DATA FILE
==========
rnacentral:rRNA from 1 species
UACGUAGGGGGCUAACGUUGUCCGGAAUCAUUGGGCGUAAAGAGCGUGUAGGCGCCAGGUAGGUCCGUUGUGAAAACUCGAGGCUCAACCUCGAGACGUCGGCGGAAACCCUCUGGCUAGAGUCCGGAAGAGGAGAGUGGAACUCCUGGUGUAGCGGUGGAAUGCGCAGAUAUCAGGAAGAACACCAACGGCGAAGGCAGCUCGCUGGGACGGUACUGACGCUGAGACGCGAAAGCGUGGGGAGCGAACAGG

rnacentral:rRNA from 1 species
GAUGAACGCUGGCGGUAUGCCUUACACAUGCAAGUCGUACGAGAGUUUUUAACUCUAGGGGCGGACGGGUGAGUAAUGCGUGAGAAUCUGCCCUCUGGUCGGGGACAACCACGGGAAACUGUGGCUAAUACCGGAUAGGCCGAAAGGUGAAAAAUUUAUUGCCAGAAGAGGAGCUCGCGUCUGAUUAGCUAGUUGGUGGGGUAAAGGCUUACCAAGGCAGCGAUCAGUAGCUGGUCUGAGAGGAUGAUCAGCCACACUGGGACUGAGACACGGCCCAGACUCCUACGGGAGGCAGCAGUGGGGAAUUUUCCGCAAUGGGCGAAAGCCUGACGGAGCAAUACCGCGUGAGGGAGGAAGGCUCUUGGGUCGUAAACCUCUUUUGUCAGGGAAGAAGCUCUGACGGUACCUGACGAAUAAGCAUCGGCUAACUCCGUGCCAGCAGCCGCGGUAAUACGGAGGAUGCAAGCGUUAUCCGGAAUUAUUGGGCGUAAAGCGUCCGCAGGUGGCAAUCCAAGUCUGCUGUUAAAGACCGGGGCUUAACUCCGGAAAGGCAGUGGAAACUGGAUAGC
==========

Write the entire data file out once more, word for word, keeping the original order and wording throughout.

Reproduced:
rnacentral:rRNA from 1 species
UACGUAGGGGGCUAACGUUGUCCGGAAUCAUUGGGCGUAAAGAGCGUGUAGGCGCCAGGUAGGUCCGUUGUGAAAACUCGAGGCUCAACCUCGAGACGUCGGCGGAAACCCUCUGGCUAGAGUCCGGAAGAGGAGAGUGGAACUCCUGGUGUAGCGGUGGAAUGCGCAGAUAUCAGGAAGAACACCAACGGCGAAGGCAGCUCGCUGGGACGGUACUGACGCUGAGACGCGAAAGCGUGGGGAGCGAACAGG

rnacentral:rRNA from 1 species
GAUGAACGCUGGCGGUAUGCCUUACACAUGCAAGUCGUACGAGAGUUUUUAACUCUAGGGGCGGACGGGUGAGUAAUGCGUGAGAAUCUGCCCUCUGGUCGGGGACAACCACGGGAAACUGUGGCUAAUACCGGAUAGGCCGAAAGGUGAAAAAUUUAUUGCCAGAAGAGGAGCUCGCGUCUGAUUAGCUAGUUGGUGGGGUAAAGGCUUACCAAGGCAGCGAUCAGUAGCUGGUCUGAGAGGAUGAUCAGCCACACUGGGACUGAGACACGGCCCAGACUCCUACGGGAGGCAGCAGUGGGGAAUUUUCCGCAAUGGGCGAAAGCCUGACGGAGCAAUACCGCGUGAGGGAGGAAGGCUCUUGGGUCGUAAACCUCUUUUGUCAGGGAAGAAGCUCUGACGGUACCUGACGAAUAAGCAUCGGCUAACUCCGUGCCAGCAGCCGCGGUAAUACGGAGGAUGCAAGCGUUAUCCGGAAUUAUUGGGCGUAAAGCGUCCGCAGGUGGCAAUCCAAGUCUGCUGUUAAAGACCGGGGCUUAACUCCGGAAAGGCAGUGGAAACUGGAUAGC